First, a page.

Well, that’s a little embarrassing.
For the last 20 years, the Arrow Lakes News has proudly proclaimed on its masthead that it’s been published since 1923.
Turns out, we were wrong.
While cleaning out our storage room last week, we came across volumes of our old papers – musty, cardboard-bound copies of the newspaper dating back to its very beginning.
And in one of those bound volumes, we found a copy of the very first Arrow Lakes News ever published.
“I looked at the date on the edition, and couldn’t believe it,” recalls our sales manager, Chantelle Carter. “I was quite taken aback.”
The date Carter read on that edition — Volume 1, Number 1 — was June 28, 1922.
Yes, the News is a full year older than we thought.
Back on that summer’s day in 1922 — less than four years after the end of World War 1 — the big news was the upcoming Canada Day celebrations.
“Nakusp is to celebrate Dominion Day Saturday, July 1 in its usual royal style,” states the lead story, adding that people were expected from New Denver and all points along the rail line. “In past years visitors have been treated royally in Nakusp and this celebration will not be an exception.”
The writer/publisher/printer, Frank Rousseau, also saw fit to cover the end of the school year in Nakusp, local comings and goings, and donations for European post-war relief. He also gave a fair amount of column-inches to health cures, like pimple cream, corns and weight loss remedies. Some concerns never change.
“There’s a wealth of material in these past papers for our weekly ‘This Day in History’ column,” says Carter. “Be prepared for all sorts of fun and curious stories from our past.”
We also had a bit of fun with the discovery. We changed our logo on the masthead – “Publishing since 1923”- to reflect the accurate date. And we asked our readers to spot the difference.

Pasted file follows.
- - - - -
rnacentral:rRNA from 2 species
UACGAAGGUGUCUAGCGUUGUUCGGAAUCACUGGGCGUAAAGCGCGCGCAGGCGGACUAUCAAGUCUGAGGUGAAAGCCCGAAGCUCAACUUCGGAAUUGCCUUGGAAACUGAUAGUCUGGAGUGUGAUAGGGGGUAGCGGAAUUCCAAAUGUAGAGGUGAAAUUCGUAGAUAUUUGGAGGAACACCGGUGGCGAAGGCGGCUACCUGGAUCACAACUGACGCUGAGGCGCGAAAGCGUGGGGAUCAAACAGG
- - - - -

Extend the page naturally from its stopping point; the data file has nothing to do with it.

Marion Lang had the keenest eye and fastest response. She brought us a copy of this week’s paper with the changed masthead, and won a year’s subscription to the online version of our newspaper.
Discovering the Advocate
That wasn’t the only surprise found in the storage room. Lying inside another box, we found copies of the Arrow Lakes Advocate. It was a precursor paper to the News, started in 1915 by one of the founding fathers of Nakusp, Thomas Abriel. Abriel, a local entrepreneur, booster and visionary, figured the then-teenaged village needed a newspaper of its own, and started the paper.
We had four different editions of the paper, which ran from 1915 to about 1918. We brought the delicate, crumbling copies to the Nakusp Archives. They were delighted to accept them into their collection, having only one paper copy of the paper in the archives (though they have a digitized copy of the newspaper’s run, courtesy of the provincial archives).
We’ll be going through the papers for the next few weeks, but will likely also send them over to the Nakusp Archives for permanent safekeeping. They have the facilities and means to take proper care of them.
And then there’s the really good news. Scratch June 28, 2023 from your appointment calendar to attend our centennial celebrations at the paper. We get to cut the cake in 2022 – a whole year earlier!